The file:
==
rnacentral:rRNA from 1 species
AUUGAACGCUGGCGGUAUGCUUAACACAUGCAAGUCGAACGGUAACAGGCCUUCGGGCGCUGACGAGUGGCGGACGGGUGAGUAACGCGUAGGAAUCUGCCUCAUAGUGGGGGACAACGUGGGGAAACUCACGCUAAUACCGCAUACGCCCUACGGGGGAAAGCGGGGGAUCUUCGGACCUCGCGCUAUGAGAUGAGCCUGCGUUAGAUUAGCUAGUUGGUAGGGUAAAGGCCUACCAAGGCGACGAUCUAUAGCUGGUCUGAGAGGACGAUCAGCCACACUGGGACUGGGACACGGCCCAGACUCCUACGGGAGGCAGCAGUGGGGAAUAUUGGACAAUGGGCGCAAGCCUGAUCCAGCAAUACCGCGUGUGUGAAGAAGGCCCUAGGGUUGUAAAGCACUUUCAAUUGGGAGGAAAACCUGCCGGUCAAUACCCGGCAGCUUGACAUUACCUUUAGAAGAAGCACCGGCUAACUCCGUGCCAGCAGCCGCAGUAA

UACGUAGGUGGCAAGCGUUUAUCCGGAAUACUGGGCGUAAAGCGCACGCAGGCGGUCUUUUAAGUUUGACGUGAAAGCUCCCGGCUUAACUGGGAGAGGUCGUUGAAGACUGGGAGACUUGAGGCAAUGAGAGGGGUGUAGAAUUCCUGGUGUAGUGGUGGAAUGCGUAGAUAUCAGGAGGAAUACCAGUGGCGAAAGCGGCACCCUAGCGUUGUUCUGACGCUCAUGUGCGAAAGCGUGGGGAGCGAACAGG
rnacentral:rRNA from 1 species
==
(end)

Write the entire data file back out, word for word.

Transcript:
rnacentral:rRNA from 1 species
AUUGAACGCUGGCGGUAUGCUUAACACAUGCAAGUCGAACGGUAACAGGCCUUCGGGCGCUGACGAGUGGCGGACGGGUGAGUAACGCGUAGGAAUCUGCCUCAUAGUGGGGGACAACGUGGGGAAACUCACGCUAAUACCGCAUACGCCCUACGGGGGAAAGCGGGGGAUCUUCGGACCUCGCGCUAUGAGAUGAGCCUGCGUUAGAUUAGCUAGUUGGUAGGGUAAAGGCCUACCAAGGCGACGAUCUAUAGCUGGUCUGAGAGGACGAUCAGCCACACUGGGACUGGGACACGGCCCAGACUCCUACGGGAGGCAGCAGUGGGGAAUAUUGGACAAUGGGCGCAAGCCUGAUCCAGCAAUACCGCGUGUGUGAAGAAGGCCCUAGGGUUGUAAAGCACUUUCAAUUGGGAGGAAAACCUGCCGGUCAAUACCCGGCAGCUUGACAUUACCUUUAGAAGAAGCACCGGCUAACUCCGUGCCAGCAGCCGCAGUAA

UACGUAGGUGGCAAGCGUUUAUCCGGAAUACUGGGCGUAAAGCGCACGCAGGCGGUCUUUUAAGUUUGACGUGAAAGCUCCCGGCUUAACUGGGAGAGGUCGUUGAAGACUGGGAGACUUGAGGCAAUGAGAGGGGUGUAGAAUUCCUGGUGUAGUGGUGGAAUGCGUAGAUAUCAGGAGGAAUACCAGUGGCGAAAGCGGCACCCUAGCGUUGUUCUGACGCUCAUGUGCGAAAGCGUGGGGAGCGAACAGG
rnacentral:rRNA from 1 species